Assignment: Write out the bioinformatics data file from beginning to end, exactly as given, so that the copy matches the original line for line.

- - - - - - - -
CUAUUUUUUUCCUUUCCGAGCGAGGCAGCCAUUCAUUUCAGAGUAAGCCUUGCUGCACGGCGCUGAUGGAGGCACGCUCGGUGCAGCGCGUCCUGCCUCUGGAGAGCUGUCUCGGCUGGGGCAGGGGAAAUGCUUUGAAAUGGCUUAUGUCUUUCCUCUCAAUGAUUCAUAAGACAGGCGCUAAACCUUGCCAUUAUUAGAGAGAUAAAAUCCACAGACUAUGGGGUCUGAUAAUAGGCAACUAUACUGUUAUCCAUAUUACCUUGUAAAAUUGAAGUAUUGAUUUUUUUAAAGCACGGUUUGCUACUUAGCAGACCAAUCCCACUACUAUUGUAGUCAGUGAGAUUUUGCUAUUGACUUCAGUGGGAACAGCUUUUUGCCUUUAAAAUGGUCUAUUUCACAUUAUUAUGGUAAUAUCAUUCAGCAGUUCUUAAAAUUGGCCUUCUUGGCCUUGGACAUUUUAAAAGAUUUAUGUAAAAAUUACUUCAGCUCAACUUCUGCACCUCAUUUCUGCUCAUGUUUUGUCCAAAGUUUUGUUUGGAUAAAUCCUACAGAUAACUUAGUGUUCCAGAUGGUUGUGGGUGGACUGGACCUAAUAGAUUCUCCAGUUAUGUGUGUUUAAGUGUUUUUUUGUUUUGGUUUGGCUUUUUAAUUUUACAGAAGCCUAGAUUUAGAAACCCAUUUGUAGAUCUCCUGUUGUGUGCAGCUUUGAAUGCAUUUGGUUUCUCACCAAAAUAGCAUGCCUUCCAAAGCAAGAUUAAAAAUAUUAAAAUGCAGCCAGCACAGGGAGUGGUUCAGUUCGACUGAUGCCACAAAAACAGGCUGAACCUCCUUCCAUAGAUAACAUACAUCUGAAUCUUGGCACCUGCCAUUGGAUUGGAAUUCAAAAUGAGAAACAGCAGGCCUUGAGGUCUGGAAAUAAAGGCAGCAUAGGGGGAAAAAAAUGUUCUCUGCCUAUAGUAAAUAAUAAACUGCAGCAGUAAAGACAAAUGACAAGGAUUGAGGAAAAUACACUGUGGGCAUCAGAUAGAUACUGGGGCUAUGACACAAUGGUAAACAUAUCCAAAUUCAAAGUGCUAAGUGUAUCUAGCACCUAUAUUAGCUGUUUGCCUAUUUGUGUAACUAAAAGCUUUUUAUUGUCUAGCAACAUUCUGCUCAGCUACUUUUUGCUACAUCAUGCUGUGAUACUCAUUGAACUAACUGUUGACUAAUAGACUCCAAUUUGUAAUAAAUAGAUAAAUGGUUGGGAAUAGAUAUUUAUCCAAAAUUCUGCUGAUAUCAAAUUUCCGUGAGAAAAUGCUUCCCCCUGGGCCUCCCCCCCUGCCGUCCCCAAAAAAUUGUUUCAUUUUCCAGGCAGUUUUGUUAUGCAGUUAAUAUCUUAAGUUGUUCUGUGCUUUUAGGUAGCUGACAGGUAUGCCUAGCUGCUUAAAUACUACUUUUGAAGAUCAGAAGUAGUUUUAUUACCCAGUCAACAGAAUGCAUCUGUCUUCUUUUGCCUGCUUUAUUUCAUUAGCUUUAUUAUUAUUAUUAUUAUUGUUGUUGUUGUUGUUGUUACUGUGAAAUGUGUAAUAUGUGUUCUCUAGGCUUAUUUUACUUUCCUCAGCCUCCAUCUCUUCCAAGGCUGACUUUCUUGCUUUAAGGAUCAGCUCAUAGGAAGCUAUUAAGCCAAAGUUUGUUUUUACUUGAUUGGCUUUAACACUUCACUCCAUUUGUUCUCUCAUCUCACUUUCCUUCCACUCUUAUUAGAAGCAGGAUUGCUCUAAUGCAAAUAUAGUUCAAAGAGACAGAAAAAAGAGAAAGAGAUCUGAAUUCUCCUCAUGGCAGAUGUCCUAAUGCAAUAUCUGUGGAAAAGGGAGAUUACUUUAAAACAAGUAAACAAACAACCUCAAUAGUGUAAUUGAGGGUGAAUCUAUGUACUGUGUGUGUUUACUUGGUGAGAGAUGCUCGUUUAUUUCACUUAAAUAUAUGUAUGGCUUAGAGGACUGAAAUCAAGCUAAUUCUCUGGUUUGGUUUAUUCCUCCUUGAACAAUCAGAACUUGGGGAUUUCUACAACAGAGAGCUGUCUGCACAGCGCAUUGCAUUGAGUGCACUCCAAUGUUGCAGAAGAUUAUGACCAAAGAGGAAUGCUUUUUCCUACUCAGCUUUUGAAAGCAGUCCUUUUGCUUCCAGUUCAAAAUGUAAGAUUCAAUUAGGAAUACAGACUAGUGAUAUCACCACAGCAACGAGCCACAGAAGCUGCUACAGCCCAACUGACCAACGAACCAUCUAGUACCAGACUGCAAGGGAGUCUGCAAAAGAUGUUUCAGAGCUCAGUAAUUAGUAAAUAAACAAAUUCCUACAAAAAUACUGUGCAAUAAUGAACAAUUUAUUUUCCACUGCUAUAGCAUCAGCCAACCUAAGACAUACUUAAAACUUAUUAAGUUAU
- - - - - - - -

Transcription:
CUAUUUUUUUCCUUUCCGAGCGAGGCAGCCAUUCAUUUCAGAGUAAGCCUUGCUGCACGGCGCUGAUGGAGGCACGCUCGGUGCAGCGCGUCCUGCCUCUGGAGAGCUGUCUCGGCUGGGGCAGGGGAAAUGCUUUGAAAUGGCUUAUGUCUUUCCUCUCAAUGAUUCAUAAGACAGGCGCUAAACCUUGCCAUUAUUAGAGAGAUAAAAUCCACAGACUAUGGGGUCUGAUAAUAGGCAACUAUACUGUUAUCCAUAUUACCUUGUAAAAUUGAAGUAUUGAUUUUUUUAAAGCACGGUUUGCUACUUAGCAGACCAAUCCCACUACUAUUGUAGUCAGUGAGAUUUUGCUAUUGACUUCAGUGGGAACAGCUUUUUGCCUUUAAAAUGGUCUAUUUCACAUUAUUAUGGUAAUAUCAUUCAGCAGUUCUUAAAAUUGGCCUUCUUGGCCUUGGACAUUUUAAAAGAUUUAUGUAAAAAUUACUUCAGCUCAACUUCUGCACCUCAUUUCUGCUCAUGUUUUGUCCAAAGUUUUGUUUGGAUAAAUCCUACAGAUAACUUAGUGUUCCAGAUGGUUGUGGGUGGACUGGACCUAAUAGAUUCUCCAGUUAUGUGUGUUUAAGUGUUUUUUUGUUUUGGUUUGGCUUUUUAAUUUUACAGAAGCCUAGAUUUAGAAACCCAUUUGUAGAUCUCCUGUUGUGUGCAGCUUUGAAUGCAUUUGGUUUCUCACCAAAAUAGCAUGCCUUCCAAAGCAAGAUUAAAAAUAUUAAAAUGCAGCCAGCACAGGGAGUGGUUCAGUUCGACUGAUGCCACAAAAACAGGCUGAACCUCCUUCCAUAGAUAACAUACAUCUGAAUCUUGGCACCUGCCAUUGGAUUGGAAUUCAAAAUGAGAAACAGCAGGCCUUGAGGUCUGGAAAUAAAGGCAGCAUAGGGGGAAAAAAAUGUUCUCUGCCUAUAGUAAAUAAUAAACUGCAGCAGUAAAGACAAAUGACAAGGAUUGAGGAAAAUACACUGUGGGCAUCAGAUAGAUACUGGGGCUAUGACACAAUGGUAAACAUAUCCAAAUUCAAAGUGCUAAGUGUAUCUAGCACCUAUAUUAGCUGUUUGCCUAUUUGUGUAACUAAAAGCUUUUUAUUGUCUAGCAACAUUCUGCUCAGCUACUUUUUGCUACAUCAUGCUGUGAUACUCAUUGAACUAACUGUUGACUAAUAGACUCCAAUUUGUAAUAAAUAGAUAAAUGGUUGGGAAUAGAUAUUUAUCCAAAAUUCUGCUGAUAUCAAAUUUCCGUGAGAAAAUGCUUCCCCCUGGGCCUCCCCCCCUGCCGUCCCCAAAAAAUUGUUUCAUUUUCCAGGCAGUUUUGUUAUGCAGUUAAUAUCUUAAGUUGUUCUGUGCUUUUAGGUAGCUGACAGGUAUGCCUAGCUGCUUAAAUACUACUUUUGAAGAUCAGAAGUAGUUUUAUUACCCAGUCAACAGAAUGCAUCUGUCUUCUUUUGCCUGCUUUAUUUCAUUAGCUUUAUUAUUAUUAUUAUUAUUGUUGUUGUUGUUGUUGUUACUGUGAAAUGUGUAAUAUGUGUUCUCUAGGCUUAUUUUACUUUCCUCAGCCUCCAUCUCUUCCAAGGCUGACUUUCUUGCUUUAAGGAUCAGCUCAUAGGAAGCUAUUAAGCCAAAGUUUGUUUUUACUUGAUUGGCUUUAACACUUCACUCCAUUUGUUCUCUCAUCUCACUUUCCUUCCACUCUUAUUAGAAGCAGGAUUGCUCUAAUGCAAAUAUAGUUCAAAGAGACAGAAAAAAGAGAAAGAGAUCUGAAUUCUCCUCAUGGCAGAUGUCCUAAUGCAAUAUCUGUGGAAAAGGGAGAUUACUUUAAAACAAGUAAACAAACAACCUCAAUAGUGUAAUUGAGGGUGAAUCUAUGUACUGUGUGUGUUUACUUGGUGAGAGAUGCUCGUUUAUUUCACUUAAAUAUAUGUAUGGCUUAGAGGACUGAAAUCAAGCUAAUUCUCUGGUUUGGUUUAUUCCUCCUUGAACAAUCAGAACUUGGGGAUUUCUACAACAGAGAGCUGUCUGCACAGCGCAUUGCAUUGAGUGCACUCCAAUGUUGCAGAAGAUUAUGACCAAAGAGGAAUGCUUUUUCCUACUCAGCUUUUGAAAGCAGUCCUUUUGCUUCCAGUUCAAAAUGUAAGAUUCAAUUAGGAAUACAGACUAGUGAUAUCACCACAGCAACGAGCCACAGAAGCUGCUACAGCCCAACUGACCAACGAACCAUCUAGUACCAGACUGCAAGGGAGUCUGCAAAAGAUGUUUCAGAGCUCAGUAAUUAGUAAAUAAACAAAUUCCUACAAAAAUACUGUGCAAUAAUGAACAAUUUAUUUUCCACUGCUAUAGCAUCAGCCAACCUAAGACAUACUUAAAACUUAUUAAGUUAU